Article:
BT's Division X bets on giant touchscreen in a container

Division X lives! BT's own special ops unit, previously reported to have been wiped out on its mission to unearth new sources of revenue growth for the UK telco, surfaced outside headquarters in London this week next to a shipping container with "immersive learning experience," "step into a world of possibilities" and "5G" plastered across one side.

Now subsumed into BT Business, an amalgam of the former Global and Enterprise units, Division X was showcasing the container before today's big launch of "immersive spaces" – which, in fairness, is one of the more interesting products to emerge from the former state-owned monopoly in recent years.

Equipment inside the container can transform walls and even the floor into giant wraparound touchscreens, providing access to a cloud-hosted library of interactive, audio-visual content. Users can hit icons to see menu options and manipulate graphics or text. Reporters were shown a spelling game for schoolkids, David Attenborough-like footage of whales gliding through the deep (press icons and bubbles appear) and a driver's eye view of a forklift truck bombing around a warehouse.

Reporters prepare to enter the immersive spaces container outside BT's head office. (Source: Iain Morris/Light Reading)
Reporters prepare to enter the immersive spaces container outside BT's head office.
(Source: Iain Morris/Light Reading)

Who would be interested in any of this? Schools, for a start. Several appear to have been involved in trials of the technology, which Alexandra Foster, Division X's new boss (since Marc Overton's recent departure), was eager to present – and not without justification – as a way of livening up the classroom.

On the business side, BT reckons various firms would be keen to use it for training purposes. In trials, the forklift footage was combined with an actual but immobile forklift. Using haptics, trainee drivers seated in a stationary vehicle could operate the on-screen version much as an Xbox gamer with his joystick flies a TV-contained jet.

The product is partly the fruit of activities at Adastral Park, BT's big research-and-development facility in Suffolk. But much of the technology comes from its chief partner Immersive Interactive, a small UK software developer founded in 2012. Container units like the one currently outside BT's headquarters could be driven to venues or company premises, but permanent fixtures are also an option.

No substitute for the metaverse

Unsurprisingly, BT was not prepared to share details of set-up or service costs, saying only that organizations would initially subscribe to a three-year plan. The demand is uncertain. Schools seem to be a primary target, and yet they can barely afford to pay teachers or invest in library books these days. It's highly unlikely any grizzled forklift instructor will regard a session in the container as an adequate substitute for a go on the real thing.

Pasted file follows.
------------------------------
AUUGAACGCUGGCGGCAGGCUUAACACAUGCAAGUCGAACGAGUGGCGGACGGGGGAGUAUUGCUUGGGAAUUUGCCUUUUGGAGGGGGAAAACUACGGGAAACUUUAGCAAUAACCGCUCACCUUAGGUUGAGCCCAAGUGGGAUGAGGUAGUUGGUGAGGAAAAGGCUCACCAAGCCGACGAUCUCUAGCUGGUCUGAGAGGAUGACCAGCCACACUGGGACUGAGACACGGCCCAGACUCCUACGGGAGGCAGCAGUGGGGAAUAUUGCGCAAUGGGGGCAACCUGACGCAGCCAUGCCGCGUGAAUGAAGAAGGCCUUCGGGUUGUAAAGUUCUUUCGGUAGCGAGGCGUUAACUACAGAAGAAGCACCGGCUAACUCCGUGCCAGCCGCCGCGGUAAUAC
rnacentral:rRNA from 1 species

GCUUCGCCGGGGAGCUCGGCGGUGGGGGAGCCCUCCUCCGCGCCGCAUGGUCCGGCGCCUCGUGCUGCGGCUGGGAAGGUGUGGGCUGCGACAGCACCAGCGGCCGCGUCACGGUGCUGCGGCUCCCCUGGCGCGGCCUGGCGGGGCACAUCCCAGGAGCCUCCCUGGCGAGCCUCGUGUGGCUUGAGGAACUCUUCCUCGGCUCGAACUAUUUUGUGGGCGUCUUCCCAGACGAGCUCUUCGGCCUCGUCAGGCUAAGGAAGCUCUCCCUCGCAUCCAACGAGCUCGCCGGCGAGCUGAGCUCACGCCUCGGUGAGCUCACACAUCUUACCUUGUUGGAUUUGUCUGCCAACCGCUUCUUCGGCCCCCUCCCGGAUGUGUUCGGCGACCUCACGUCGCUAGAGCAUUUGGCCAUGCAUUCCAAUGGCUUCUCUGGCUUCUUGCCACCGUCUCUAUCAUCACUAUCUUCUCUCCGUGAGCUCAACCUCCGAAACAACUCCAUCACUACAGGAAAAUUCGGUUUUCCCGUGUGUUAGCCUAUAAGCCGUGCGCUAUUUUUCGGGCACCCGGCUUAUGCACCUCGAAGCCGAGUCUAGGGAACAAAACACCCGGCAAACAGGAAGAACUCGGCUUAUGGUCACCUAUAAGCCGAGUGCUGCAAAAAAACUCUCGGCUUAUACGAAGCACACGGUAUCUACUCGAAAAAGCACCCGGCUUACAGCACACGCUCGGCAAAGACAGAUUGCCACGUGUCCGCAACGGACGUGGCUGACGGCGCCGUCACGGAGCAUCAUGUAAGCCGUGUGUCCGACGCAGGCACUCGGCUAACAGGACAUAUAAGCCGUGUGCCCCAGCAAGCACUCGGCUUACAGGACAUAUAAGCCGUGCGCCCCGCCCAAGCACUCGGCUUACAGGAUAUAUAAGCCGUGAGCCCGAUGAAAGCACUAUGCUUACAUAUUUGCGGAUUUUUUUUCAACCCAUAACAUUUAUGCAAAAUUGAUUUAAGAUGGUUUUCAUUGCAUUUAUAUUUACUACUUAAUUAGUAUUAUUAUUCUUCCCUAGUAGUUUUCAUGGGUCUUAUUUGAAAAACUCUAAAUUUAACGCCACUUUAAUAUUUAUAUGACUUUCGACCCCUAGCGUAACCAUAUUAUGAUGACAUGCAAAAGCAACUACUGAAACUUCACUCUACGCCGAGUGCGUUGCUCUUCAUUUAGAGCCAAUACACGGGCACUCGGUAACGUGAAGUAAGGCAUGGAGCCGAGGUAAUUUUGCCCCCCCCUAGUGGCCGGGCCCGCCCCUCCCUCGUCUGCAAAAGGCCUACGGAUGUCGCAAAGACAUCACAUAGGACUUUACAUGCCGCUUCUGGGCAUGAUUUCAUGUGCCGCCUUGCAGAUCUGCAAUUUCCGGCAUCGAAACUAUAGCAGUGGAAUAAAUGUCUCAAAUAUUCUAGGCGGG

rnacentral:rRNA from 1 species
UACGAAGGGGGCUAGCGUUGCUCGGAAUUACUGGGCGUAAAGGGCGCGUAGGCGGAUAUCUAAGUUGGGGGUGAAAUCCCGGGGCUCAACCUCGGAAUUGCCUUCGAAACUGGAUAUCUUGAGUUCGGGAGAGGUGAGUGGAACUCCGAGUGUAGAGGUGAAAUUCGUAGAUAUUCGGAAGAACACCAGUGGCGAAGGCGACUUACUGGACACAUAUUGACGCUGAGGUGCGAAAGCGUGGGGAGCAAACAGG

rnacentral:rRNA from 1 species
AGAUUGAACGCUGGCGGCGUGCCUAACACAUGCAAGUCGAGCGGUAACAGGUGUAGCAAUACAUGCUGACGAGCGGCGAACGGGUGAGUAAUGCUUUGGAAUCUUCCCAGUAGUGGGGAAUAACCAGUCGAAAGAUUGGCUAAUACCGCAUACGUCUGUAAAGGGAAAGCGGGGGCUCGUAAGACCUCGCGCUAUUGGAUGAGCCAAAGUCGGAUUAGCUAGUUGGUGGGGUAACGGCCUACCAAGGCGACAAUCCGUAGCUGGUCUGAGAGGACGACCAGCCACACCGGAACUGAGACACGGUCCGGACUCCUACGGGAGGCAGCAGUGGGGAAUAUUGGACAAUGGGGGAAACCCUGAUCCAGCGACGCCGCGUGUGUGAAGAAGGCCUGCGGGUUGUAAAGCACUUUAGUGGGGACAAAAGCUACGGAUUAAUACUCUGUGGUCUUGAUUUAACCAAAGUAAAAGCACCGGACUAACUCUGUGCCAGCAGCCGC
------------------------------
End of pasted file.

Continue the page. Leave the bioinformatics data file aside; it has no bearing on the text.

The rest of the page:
Another concern that arose during BT's press briefing is the challenge from virtual, augmented, extended and any other pseudo reality conceived to meet the same demand. For anyone who has caught the merest whiff of the metaverse, immersive spaces may seem quite low tech. The same experiences can essentially be had on a smartphone or Xbox, albeit in smaller form.

Yet big displays of interactivity could work better than more sophisticated VR/AR/XR in classrooms or for other groups. Ian Robertson, Division X's technical principal, notes the drawbacks of VR headsets that stop people from engaging with fellow pupils or colleagues during an immersive experience. BT promises evolution and innovation, suggesting the service could make greater use of haptics or other interactive technologies in future.

Much of the interactive content for immersive spaces is aimed at schools. (Source: BT)
Much of the interactive content for immersive spaces is aimed at schools.
(Source: BT)

Despite the 5G label on the side of the demo container, immersive spaces can also use fixed-line technology and 4G, although problems are likelier with the older mobile standard and a fixed-line connection could be much harder to set up, depending on the scenario. The availability of 5G standalone – which comes with a new and more advanced core network, besides new radios – is certainly no prerequisite, although it might be for some future applications.

It's easy to be churlish about telco efforts to expand their line-up of product offerings beyond pure connectivity, and this is at least something tangible and with potential. Judging by the giggly delight of jaded hacks (considerably younger and less jaded hacks than your correspondent, it should be noted) invited to participate in a basic spelling challenge, children would love much of the content if equipping schools is feasible.

BT could evidently do with a new and lucrative product. Overall revenues last year dipped 1%, and the Openreach networks division was the only one that managed any growth. CEO Philip Jansen talks more about cutting jobs and other cost-saving measures than he does about opportunities to boost sales. Division X will pray immersive spaces brings something more positive.

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— Iain Morris, International Editor, Light Reading

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